"Not to mention that copyleft licenses make it much harder to build proprietary products". Well maybe we should start with understanding there might be a difference between building products and making a biz model around them vs. the licensing of said products.
With Red Hat hitting the milestone of $1 billion in revenue I think we can put to rest the question, "can you make money with open source?" Certainly Red Hat has some proprietary licensed products, but the crux or their business model is based on restrictively licensed, copyleft software. Red Hat invests an enormous amount of developer time to give back to the community... And apparently they are not suffering for it. Apparently this isn't too complicated for them. And apparently the bottom line is doing just fine, thank you.
4. Restrictive licensing doesn't matter in Cloud
If anything the rise of "Cloud Computing" drives the need for an updated approach to restrictive licensing. This was the real motivation behind creating the AGPL. Why is this? It's because traditionally restrictive licensing kicks in when the software is delivered. In web services you get data, but not software (in any form).
(Secret: data is more valuable than code )
5. You can't build a business on restrictive software
Jeremy Allison has clearly articulated why the GPLv3 is essential for the commercial Samba marketplace to thrive. He talks about symmetry providing a necessary level playing field (and he spoke about this recently).
Evan Prodromou has built the StatusNet business on AGPL'd software and is selling the Decentralized Social Web into Enterprises.
Work with Me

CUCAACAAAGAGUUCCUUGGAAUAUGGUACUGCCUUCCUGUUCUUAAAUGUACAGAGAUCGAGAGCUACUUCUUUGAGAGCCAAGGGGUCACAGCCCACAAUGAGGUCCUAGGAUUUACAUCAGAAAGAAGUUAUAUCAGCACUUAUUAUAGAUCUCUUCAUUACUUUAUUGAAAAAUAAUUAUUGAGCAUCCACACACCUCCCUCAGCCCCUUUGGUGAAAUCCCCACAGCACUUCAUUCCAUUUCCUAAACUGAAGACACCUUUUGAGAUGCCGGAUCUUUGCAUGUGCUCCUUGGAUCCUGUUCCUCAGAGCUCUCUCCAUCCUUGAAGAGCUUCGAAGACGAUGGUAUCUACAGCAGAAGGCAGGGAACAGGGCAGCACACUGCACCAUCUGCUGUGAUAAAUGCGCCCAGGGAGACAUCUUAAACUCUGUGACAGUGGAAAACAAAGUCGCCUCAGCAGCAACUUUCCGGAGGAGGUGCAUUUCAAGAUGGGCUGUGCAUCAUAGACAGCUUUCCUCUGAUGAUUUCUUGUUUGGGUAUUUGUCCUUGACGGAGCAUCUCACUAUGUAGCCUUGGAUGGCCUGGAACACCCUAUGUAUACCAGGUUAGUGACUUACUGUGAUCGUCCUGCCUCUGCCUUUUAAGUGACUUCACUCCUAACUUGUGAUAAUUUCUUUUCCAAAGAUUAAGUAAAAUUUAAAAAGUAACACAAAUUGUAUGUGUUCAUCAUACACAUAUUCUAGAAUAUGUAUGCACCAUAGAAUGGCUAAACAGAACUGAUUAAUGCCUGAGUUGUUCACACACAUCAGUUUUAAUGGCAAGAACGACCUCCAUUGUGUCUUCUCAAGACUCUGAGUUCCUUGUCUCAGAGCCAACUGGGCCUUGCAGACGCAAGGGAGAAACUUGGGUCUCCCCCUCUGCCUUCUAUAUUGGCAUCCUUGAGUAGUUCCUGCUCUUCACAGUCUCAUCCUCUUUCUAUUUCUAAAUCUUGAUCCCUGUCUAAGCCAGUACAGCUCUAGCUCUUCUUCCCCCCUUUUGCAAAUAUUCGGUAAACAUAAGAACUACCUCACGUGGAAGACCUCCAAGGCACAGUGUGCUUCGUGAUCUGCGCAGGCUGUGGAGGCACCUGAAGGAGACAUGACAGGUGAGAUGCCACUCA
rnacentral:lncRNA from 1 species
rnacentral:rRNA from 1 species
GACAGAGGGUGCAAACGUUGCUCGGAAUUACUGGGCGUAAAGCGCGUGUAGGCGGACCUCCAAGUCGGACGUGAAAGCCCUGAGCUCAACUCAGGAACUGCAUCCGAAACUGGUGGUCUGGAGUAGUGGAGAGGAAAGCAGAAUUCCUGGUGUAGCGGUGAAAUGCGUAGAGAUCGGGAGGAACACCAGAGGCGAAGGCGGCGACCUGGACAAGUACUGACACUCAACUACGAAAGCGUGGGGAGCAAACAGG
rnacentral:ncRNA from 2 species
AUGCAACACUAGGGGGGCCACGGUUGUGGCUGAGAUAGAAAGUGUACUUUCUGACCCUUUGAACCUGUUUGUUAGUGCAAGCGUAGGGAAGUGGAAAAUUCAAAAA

So whether or not the GPL is in decline (or not) only scratches the surface of the how the FLOSS revolution has transformed information technology in the past 20 years. I bet the that Story of Data in the next 20 years will tell us that symmetric collaboration is the big win.
Ultimately the key thing is to remember that permissively licensed software is also Free Software.
Legal Issues at FOSDEM 2014
This is the third year that I've been lucky enough to collaborate with some leading practitioners of Free Software and Open Source licensing and community leadership to organize this intense event on the topic of what makes FLOSS possible and what are the key issues facing FLOSS today. I'm joined by my friends Karen Sandler, Bradley Kuhn, and Richard Fontana.
I have been fascinated by the intersection of law and technology because it is the clever use of copyright that makes Free, Libre and Open Source Software possible. We hope to stimulate discussion on topics such as:
- Copyleft vs. permissive licensing: What is a policy case for copyleft? If so what form should it take?
- How is software freedom important in ensuring privacy and security?